Guest Opinion: Mark Wallach: Stop the madness
Excerpts presented below, read the full article in the Daily Camera
This is my second campaign for a seat on the Boulder City Council, and it is vastly different from the first. The extent of the vitriol, the behaviors of some individuals in their efforts to disparage and tear down specific candidates, and the execrable level of our public discourse, particularly on social media platforms, should be a source of great concern to all of us. ...
The examples seem to be coming from every direction. Let’s start with the treatment of one of this year’s candidates for the Boulder City Council, Steve Rosenblum. Rosenblum has been subject to attack by anonymous parties who have reportedly created false websites containing false information in order to derail his campaign. (“Boulder City Council candidate sends cease and desist letter to community members, Daily Camera, Sept. 15.) In response, Rosenblum has threatened to sue via cease-and-desist letters against the alleged perpetrators of these falsehoods. Let’s be clear: this has nothing to do with whether one approves or disapproves of this particular candidate or his positions. Don’t like a candidate? State your case, organize around your principles and vote your convictions. That is how it is supposed to be done.
Whether or not these particular defendants are ultimately found accountable for this behavior is also not the point. What is undeniable is that someone did this. But how is this behavior any different from Russian interference in elections? How can the perpetrator of these false websites and posts actually believe that their conduct is appropriate in the context of a democratic process? How does anyone justify unethical, inappropriate and possibly illegal conduct simply to impact a local election in Boulder? It is despicable.
Moving on: In 2019 all candidates signed a non-disparagement pledge committing them to conduct themselves in a manner devoid of personalized attacks. Understand that this was not a pledge not to disagree or not to criticize, or not to be strong in that disagreement or criticism. It was simply a pledge to conduct our campaigns in a manner that this community could be proud of. And it worked, as that campaign was civil and issues-based, despite our differences on the issues. Yet an attempt this year to repeat this pledge, sponsored by both Plan Boulder and Better Boulder — and who would have expected that? — has failed. Not all candidates will sign and the pledge has been withdrawn. Reserving the right to be personally abusive? Sorry, I don’t care what the purported rationale for that is, it is just sad.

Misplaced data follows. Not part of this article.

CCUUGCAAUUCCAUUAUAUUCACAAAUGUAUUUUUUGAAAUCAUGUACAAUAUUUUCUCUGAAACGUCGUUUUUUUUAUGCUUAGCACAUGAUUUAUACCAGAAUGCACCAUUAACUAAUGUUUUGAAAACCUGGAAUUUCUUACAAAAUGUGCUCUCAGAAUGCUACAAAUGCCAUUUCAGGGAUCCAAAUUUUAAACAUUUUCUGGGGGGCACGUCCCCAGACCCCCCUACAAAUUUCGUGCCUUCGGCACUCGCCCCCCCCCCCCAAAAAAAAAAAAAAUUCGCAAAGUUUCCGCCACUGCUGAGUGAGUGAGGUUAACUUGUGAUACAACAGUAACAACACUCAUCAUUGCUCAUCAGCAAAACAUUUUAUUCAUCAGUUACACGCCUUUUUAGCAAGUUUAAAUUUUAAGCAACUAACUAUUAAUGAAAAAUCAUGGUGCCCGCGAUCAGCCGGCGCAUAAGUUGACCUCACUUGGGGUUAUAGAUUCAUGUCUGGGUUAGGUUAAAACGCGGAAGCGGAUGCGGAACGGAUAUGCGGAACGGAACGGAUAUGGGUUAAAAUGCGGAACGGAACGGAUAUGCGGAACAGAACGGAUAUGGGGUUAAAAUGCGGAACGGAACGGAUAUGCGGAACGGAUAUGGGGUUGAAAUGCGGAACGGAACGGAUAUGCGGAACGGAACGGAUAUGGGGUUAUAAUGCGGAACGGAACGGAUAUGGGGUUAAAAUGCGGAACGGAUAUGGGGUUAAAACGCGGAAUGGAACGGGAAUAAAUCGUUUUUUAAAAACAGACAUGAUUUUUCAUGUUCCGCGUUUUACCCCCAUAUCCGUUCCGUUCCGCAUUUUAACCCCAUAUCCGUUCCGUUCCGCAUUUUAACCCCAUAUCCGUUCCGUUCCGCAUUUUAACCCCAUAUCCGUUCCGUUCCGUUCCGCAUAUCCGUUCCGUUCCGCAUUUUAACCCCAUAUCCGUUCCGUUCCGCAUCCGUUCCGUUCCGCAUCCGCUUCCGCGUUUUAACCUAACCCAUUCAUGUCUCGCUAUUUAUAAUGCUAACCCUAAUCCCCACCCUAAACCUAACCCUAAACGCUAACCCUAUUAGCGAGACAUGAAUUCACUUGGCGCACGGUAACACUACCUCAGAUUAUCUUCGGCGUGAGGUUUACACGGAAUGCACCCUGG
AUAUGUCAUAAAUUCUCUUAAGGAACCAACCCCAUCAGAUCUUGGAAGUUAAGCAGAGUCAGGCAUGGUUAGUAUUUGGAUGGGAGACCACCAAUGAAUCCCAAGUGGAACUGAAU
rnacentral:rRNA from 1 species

A wise individual once commented to me that, given the passion of Boulder’s residents, the debates are not so much “I am right and you are wrong,” but “I am right and you are evil.” ...
... we need to speak to one another, and about one another, with a greater degree of humanity, and humility, and in a manner that is a reflection of Boulder’s true values. I do not believe that the current state of our discourse accurately represents those values, and I hope that you feel the same way. We need to do better.
Read the full article in the Daily Camera